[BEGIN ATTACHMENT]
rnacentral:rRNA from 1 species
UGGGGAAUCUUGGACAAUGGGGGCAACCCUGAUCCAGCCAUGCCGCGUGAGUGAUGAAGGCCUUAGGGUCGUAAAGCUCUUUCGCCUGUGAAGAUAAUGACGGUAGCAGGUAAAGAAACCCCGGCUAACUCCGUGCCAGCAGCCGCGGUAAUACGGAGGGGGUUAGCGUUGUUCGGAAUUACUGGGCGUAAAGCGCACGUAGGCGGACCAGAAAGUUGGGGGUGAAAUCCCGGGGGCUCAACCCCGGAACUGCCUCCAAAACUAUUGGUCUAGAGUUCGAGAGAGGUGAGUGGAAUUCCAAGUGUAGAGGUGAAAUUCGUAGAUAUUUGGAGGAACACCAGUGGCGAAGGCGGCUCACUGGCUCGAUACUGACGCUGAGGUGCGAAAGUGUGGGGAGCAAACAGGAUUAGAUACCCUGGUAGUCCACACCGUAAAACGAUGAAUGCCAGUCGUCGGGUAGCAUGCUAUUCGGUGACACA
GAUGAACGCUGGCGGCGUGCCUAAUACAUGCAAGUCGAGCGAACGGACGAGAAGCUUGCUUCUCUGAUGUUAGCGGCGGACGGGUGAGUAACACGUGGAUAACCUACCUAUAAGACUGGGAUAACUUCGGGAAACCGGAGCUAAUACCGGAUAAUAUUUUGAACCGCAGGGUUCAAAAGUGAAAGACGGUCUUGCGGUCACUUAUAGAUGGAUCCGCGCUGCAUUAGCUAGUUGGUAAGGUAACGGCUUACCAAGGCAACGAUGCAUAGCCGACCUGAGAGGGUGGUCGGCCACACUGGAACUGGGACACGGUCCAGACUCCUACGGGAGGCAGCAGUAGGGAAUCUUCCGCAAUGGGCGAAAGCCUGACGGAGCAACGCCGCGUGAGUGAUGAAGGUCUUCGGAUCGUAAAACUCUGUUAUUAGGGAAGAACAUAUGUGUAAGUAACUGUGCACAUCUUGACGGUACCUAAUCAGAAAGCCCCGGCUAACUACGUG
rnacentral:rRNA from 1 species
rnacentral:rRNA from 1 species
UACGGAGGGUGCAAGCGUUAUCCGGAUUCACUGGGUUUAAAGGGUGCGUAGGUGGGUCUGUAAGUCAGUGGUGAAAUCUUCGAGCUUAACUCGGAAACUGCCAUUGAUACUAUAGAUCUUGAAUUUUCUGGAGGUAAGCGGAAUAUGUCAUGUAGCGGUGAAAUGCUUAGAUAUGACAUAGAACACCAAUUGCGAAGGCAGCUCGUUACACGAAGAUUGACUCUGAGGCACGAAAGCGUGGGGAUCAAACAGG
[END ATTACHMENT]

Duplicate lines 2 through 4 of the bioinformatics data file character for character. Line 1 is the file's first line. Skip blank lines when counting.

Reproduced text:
UGGGGAAUCUUGGACAAUGGGGGCAACCCUGAUCCAGCCAUGCCGCGUGAGUGAUGAAGGCCUUAGGGUCGUAAAGCUCUUUCGCCUGUGAAGAUAAUGACGGUAGCAGGUAAAGAAACCCCGGCUAACUCCGUGCCAGCAGCCGCGGUAAUACGGAGGGGGUUAGCGUUGUUCGGAAUUACUGGGCGUAAAGCGCACGUAGGCGGACCAGAAAGUUGGGGGUGAAAUCCCGGGGGCUCAACCCCGGAACUGCCUCCAAAACUAUUGGUCUAGAGUUCGAGAGAGGUGAGUGGAAUUCCAAGUGUAGAGGUGAAAUUCGUAGAUAUUUGGAGGAACACCAGUGGCGAAGGCGGCUCACUGGCUCGAUACUGACGCUGAGGUGCGAAAGUGUGGGGAGCAAACAGGAUUAGAUACCCUGGUAGUCCACACCGUAAAACGAUGAAUGCCAGUCGUCGGGUAGCAUGCUAUUCGGUGACACA
GAUGAACGCUGGCGGCGUGCCUAAUACAUGCAAGUCGAGCGAACGGACGAGAAGCUUGCUUCUCUGAUGUUAGCGGCGGACGGGUGAGUAACACGUGGAUAACCUACCUAUAAGACUGGGAUAACUUCGGGAAACCGGAGCUAAUACCGGAUAAUAUUUUGAACCGCAGGGUUCAAAAGUGAAAGACGGUCUUGCGGUCACUUAUAGAUGGAUCCGCGCUGCAUUAGCUAGUUGGUAAGGUAACGGCUUACCAAGGCAACGAUGCAUAGCCGACCUGAGAGGGUGGUCGGCCACACUGGAACUGGGACACGGUCCAGACUCCUACGGGAGGCAGCAGUAGGGAAUCUUCCGCAAUGGGCGAAAGCCUGACGGAGCAACGCCGCGUGAGUGAUGAAGGUCUUCGGAUCGUAAAACUCUGUUAUUAGGGAAGAACAUAUGUGUAAGUAACUGUGCACAUCUUGACGGUACCUAAUCAGAAAGCCCCGGCUAACUACGUG
rnacentral:rRNA from 1 species